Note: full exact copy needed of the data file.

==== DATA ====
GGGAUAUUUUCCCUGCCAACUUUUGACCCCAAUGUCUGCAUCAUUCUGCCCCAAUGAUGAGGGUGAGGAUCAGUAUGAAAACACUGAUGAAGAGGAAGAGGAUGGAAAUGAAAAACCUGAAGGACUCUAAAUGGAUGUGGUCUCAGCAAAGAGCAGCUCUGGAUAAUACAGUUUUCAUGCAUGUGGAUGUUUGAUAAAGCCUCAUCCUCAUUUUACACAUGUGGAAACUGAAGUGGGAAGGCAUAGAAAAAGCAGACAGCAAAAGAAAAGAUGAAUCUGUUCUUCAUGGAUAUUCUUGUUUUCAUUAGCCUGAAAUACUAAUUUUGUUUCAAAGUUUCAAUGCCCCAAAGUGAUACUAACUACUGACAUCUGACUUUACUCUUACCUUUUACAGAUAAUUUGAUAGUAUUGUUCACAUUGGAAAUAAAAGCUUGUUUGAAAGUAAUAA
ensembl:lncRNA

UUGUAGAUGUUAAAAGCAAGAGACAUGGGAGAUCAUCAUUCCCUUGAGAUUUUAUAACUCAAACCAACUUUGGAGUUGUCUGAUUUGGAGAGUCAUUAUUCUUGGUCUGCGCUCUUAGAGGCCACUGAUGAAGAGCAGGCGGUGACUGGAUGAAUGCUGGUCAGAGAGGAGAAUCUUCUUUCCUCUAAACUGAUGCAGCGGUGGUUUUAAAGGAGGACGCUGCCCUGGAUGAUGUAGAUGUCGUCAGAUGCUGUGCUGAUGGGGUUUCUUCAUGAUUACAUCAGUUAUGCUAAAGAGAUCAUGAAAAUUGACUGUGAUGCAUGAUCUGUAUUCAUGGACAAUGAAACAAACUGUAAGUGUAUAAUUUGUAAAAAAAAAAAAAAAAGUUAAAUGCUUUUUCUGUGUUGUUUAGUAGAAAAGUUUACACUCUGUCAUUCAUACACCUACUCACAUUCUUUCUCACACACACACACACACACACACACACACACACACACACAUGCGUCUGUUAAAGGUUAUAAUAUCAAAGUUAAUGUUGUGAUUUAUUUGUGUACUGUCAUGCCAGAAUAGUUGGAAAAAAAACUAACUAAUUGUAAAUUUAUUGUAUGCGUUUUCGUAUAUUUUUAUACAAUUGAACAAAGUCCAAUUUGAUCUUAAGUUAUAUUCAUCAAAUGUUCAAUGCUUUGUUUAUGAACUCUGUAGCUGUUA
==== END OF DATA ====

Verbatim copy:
GGGAUAUUUUCCCUGCCAACUUUUGACCCCAAUGUCUGCAUCAUUCUGCCCCAAUGAUGAGGGUGAGGAUCAGUAUGAAAACACUGAUGAAGAGGAAGAGGAUGGAAAUGAAAAACCUGAAGGACUCUAAAUGGAUGUGGUCUCAGCAAAGAGCAGCUCUGGAUAAUACAGUUUUCAUGCAUGUGGAUGUUUGAUAAAGCCUCAUCCUCAUUUUACACAUGUGGAAACUGAAGUGGGAAGGCAUAGAAAAAGCAGACAGCAAAAGAAAAGAUGAAUCUGUUCUUCAUGGAUAUUCUUGUUUUCAUUAGCCUGAAAUACUAAUUUUGUUUCAAAGUUUCAAUGCCCCAAAGUGAUACUAACUACUGACAUCUGACUUUACUCUUACCUUUUACAGAUAAUUUGAUAGUAUUGUUCACAUUGGAAAUAAAAGCUUGUUUGAAAGUAAUAA
ensembl:lncRNA

UUGUAGAUGUUAAAAGCAAGAGACAUGGGAGAUCAUCAUUCCCUUGAGAUUUUAUAACUCAAACCAACUUUGGAGUUGUCUGAUUUGGAGAGUCAUUAUUCUUGGUCUGCGCUCUUAGAGGCCACUGAUGAAGAGCAGGCGGUGACUGGAUGAAUGCUGGUCAGAGAGGAGAAUCUUCUUUCCUCUAAACUGAUGCAGCGGUGGUUUUAAAGGAGGACGCUGCCCUGGAUGAUGUAGAUGUCGUCAGAUGCUGUGCUGAUGGGGUUUCUUCAUGAUUACAUCAGUUAUGCUAAAGAGAUCAUGAAAAUUGACUGUGAUGCAUGAUCUGUAUUCAUGGACAAUGAAACAAACUGUAAGUGUAUAAUUUGUAAAAAAAAAAAAAAAAGUUAAAUGCUUUUUCUGUGUUGUUUAGUAGAAAAGUUUACACUCUGUCAUUCAUACACCUACUCACAUUCUUUCUCACACACACACACACACACACACACACACACACACACACAUGCGUCUGUUAAAGGUUAUAAUAUCAAAGUUAAUGUUGUGAUUUAUUUGUGUACUGUCAUGCCAGAAUAGUUGGAAAAAAAACUAACUAAUUGUAAAUUUAUUGUAUGCGUUUUCGUAUAUUUUUAUACAAUUGAACAAAGUCCAAUUUGAUCUUAAGUUAUAUUCAUCAAAUGUUCAAUGCUUUGUUUAUGAACUCUGUAGCUGUUA